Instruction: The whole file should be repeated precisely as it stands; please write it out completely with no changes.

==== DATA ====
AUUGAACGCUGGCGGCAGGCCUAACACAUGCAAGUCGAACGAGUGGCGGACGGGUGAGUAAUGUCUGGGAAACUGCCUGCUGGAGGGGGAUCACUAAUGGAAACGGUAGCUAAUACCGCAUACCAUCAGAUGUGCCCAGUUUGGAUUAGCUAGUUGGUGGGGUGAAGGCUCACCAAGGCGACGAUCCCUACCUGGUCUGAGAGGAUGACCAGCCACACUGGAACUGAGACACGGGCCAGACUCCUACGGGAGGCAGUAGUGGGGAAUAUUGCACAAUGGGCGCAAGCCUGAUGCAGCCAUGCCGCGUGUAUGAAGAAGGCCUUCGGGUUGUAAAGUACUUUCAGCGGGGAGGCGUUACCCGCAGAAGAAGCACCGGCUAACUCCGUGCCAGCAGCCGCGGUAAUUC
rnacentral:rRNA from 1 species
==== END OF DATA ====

AUUGAACGCUGGCGGCAGGCCUAACACAUGCAAGUCGAACGAGUGGCGGACGGGUGAGUAAUGUCUGGGAAACUGCCUGCUGGAGGGGGAUCACUAAUGGAAACGGUAGCUAAUACCGCAUACCAUCAGAUGUGCCCAGUUUGGAUUAGCUAGUUGGUGGGGUGAAGGCUCACCAAGGCGACGAUCCCUACCUGGUCUGAGAGGAUGACCAGCCACACUGGAACUGAGACACGGGCCAGACUCCUACGGGAGGCAGUAGUGGGGAAUAUUGCACAAUGGGCGCAAGCCUGAUGCAGCCAUGCCGCGUGUAUGAAGAAGGCCUUCGGGUUGUAAAGUACUUUCAGCGGGGAGGCGUUACCCGCAGAAGAAGCACCGGCUAACUCCGUGCCAGCAGCCGCGGUAAUUC
rnacentral:rRNA from 1 species